Professor Alex Stedmon, Science Witness Limited
Professor Alex Stedmon is a world expert in transport research investigating driver behaviour and driver psychology.
Alex has worked as Professor of Transport Design within the Institute of Future Transport and Cities at Coventry University, with a specific focus on ‘Two Wheel Design’ – looking specifically at aspects of motorcycle road safety and rider behaviour.
Alex has been riding motorbikes for over 30 years and has literally ridden the length and breadth of the UK (organising a charity ride taking in the furthest points N, S, E and W on the mainland). He has also ridden abroad throughout Europe and over in New Zealand.
Throughout his long-established and internationally recognised career, Alex has managed and worked extensively on transport research projects. He has over 200 mainly peer-reviewed publications and has contributed to winning over £31 million in research funding.
Alex regularly acts as a reviewer for various international journals and has co-edited special issues of the journal ‘Applied Ergonomics’ specialising in future transport research. He has presented keynote and plenary lectures around the world, including speaking at the Parliamentary Advisory Committee for Transport Safety Conference (2010), Goodyear-Dunlop’s Road Safety Day (2011), advising the Australian Government on motorcyclist training and safety (2012) and briefing the EU at the European Motorcycle Forum (2014). More recently, in 2015 Professor Stedmon was invited to join a strategic EU network (TU-1407: Scientific and technical innovations for safer Powered Two Wheelers) dealing with aspects of motorcycle safety in Europe.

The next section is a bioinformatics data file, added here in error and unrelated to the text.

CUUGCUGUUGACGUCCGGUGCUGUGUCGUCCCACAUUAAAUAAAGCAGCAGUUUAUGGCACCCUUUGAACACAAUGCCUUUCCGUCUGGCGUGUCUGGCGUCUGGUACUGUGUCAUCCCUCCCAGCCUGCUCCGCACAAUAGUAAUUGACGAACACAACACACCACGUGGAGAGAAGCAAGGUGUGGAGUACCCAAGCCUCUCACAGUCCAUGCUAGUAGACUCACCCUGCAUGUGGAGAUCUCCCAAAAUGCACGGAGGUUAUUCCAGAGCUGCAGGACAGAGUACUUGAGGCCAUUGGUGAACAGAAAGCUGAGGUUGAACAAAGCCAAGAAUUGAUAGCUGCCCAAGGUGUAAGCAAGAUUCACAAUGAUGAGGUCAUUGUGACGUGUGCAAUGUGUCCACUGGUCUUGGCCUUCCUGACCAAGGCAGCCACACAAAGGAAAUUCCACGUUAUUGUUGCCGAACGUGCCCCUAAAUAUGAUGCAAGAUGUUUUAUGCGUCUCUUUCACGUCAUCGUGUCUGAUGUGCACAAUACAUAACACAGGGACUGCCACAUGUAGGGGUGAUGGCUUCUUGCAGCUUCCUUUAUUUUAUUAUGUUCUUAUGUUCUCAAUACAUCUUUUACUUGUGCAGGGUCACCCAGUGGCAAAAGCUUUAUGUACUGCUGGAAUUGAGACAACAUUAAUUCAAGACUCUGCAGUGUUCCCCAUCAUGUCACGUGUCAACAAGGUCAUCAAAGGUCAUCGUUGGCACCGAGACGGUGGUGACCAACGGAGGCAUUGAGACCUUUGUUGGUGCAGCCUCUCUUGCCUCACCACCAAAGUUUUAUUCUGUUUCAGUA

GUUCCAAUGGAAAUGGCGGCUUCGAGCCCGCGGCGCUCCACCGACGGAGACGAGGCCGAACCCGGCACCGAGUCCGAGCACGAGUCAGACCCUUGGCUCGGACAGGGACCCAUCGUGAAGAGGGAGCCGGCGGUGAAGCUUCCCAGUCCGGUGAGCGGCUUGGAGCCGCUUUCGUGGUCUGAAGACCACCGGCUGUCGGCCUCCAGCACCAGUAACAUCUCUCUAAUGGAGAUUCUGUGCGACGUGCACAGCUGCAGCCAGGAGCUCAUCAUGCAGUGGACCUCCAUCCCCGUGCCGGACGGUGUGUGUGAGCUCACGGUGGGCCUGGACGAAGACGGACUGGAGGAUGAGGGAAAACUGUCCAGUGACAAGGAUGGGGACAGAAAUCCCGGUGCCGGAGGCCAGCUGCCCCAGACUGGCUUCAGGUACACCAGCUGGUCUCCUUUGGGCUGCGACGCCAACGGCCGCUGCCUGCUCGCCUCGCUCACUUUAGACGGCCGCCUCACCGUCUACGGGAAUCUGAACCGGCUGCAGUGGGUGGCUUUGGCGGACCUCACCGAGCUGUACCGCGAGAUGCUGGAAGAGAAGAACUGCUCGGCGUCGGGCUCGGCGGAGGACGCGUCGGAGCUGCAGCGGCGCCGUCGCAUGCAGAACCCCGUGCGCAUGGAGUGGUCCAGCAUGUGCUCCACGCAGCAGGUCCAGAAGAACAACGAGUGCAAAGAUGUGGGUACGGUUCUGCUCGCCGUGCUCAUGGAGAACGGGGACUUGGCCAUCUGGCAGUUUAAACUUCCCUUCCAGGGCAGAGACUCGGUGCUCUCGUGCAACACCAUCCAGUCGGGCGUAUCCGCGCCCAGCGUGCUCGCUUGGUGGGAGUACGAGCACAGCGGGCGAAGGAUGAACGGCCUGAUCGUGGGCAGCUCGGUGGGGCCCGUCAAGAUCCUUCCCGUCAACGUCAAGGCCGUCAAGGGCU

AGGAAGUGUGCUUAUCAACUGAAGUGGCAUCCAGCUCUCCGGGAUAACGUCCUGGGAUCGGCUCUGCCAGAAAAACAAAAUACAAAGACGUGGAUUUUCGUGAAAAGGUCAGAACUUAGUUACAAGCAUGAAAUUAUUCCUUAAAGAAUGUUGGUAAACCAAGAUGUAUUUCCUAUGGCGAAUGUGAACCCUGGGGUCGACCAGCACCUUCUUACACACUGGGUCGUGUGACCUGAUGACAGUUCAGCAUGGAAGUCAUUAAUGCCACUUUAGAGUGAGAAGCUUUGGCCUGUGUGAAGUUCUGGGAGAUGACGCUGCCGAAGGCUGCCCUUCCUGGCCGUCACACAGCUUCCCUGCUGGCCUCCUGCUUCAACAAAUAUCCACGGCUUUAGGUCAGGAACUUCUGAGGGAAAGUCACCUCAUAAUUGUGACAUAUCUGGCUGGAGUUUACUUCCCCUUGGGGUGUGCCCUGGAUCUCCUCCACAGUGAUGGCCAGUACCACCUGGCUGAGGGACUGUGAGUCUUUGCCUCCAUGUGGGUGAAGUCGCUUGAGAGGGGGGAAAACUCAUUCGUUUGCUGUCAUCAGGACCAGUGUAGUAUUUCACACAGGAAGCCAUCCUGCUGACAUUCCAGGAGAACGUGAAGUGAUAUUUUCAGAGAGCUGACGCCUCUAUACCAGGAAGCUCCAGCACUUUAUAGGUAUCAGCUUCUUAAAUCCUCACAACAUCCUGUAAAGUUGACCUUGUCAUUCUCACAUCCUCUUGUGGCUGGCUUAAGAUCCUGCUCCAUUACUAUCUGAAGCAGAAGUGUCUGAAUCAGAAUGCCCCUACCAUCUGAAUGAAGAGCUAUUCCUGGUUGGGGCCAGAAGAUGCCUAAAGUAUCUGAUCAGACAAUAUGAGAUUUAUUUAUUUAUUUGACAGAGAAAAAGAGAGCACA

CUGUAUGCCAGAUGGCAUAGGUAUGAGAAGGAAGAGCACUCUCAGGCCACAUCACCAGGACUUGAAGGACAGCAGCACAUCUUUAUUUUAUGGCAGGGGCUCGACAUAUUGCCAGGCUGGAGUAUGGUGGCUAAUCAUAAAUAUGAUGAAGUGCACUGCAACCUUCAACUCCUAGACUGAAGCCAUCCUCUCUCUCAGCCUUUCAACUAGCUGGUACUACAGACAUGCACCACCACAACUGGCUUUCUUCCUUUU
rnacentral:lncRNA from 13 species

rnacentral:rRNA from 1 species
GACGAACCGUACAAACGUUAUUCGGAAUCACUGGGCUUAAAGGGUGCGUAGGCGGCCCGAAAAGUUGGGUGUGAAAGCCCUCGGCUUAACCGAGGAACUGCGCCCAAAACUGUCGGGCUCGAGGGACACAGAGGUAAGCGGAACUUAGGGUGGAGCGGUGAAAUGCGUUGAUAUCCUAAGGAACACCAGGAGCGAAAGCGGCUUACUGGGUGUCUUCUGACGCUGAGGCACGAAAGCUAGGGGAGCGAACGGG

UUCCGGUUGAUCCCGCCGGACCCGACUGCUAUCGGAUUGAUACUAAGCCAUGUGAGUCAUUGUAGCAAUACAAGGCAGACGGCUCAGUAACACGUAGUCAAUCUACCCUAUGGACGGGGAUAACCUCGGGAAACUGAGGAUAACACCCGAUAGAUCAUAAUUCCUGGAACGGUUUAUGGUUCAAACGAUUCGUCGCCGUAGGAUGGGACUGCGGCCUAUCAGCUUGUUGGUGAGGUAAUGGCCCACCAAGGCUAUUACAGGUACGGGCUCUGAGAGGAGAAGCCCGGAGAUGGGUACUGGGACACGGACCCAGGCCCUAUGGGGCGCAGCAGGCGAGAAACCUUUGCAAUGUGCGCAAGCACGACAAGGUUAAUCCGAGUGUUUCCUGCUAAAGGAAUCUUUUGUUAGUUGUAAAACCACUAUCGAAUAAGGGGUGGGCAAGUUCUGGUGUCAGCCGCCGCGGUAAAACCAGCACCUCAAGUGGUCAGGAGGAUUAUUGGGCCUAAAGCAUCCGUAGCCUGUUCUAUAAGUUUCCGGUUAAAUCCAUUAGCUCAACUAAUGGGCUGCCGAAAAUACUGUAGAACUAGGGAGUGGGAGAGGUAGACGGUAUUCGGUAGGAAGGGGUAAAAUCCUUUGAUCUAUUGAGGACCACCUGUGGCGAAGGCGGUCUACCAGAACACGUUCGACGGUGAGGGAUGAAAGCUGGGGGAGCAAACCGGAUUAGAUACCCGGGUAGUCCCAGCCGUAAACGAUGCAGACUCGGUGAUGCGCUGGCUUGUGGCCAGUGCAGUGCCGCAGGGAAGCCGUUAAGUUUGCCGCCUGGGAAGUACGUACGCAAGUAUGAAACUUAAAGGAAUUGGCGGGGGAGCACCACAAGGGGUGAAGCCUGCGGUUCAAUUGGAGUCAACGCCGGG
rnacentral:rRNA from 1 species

Since 2017, Alex has contributed to motorcycle safety research in New Zealand in the Coromandel region with a specific focus on novel road designs for riders negotiating dangerous bends.
In late 2019, Alex left Coventry University to focus on his work as an expert witness and as an independent transport consultant through his own company, Science Witness Ltd.
Presentation: Priming behaviour change in motorcyclists – a cognitive tool for maximising enjoyment and expertise
Throughout the UK and around the world, motorcyclists represent a uniquely vulnerable road user group. In many ways, traditional approaches to road safety present a major challenge for engaging with riders who are hard to access.
In a novel approach, research was conducted in New Zealand to investigate the use of road markings to help riders approaching and navigating dangerous bends. In this way, any rider travelling on a specific road would benefit from this type of intervention. Field trials were conducted and the results illustrated changes in rider behaviour at dangerous bends (e.g. improved road position, speed, braking).
This presentation will review this work and extend it with a UK focus and explore new research opportunities. The underlying principle is to develop unique tools that ‘prime’ rider behaviour in a positive way to increase rider enjoyment and expertise. If these tools become more widely implemented there is real potential to engage with any rider in new ways and also enhance their safety.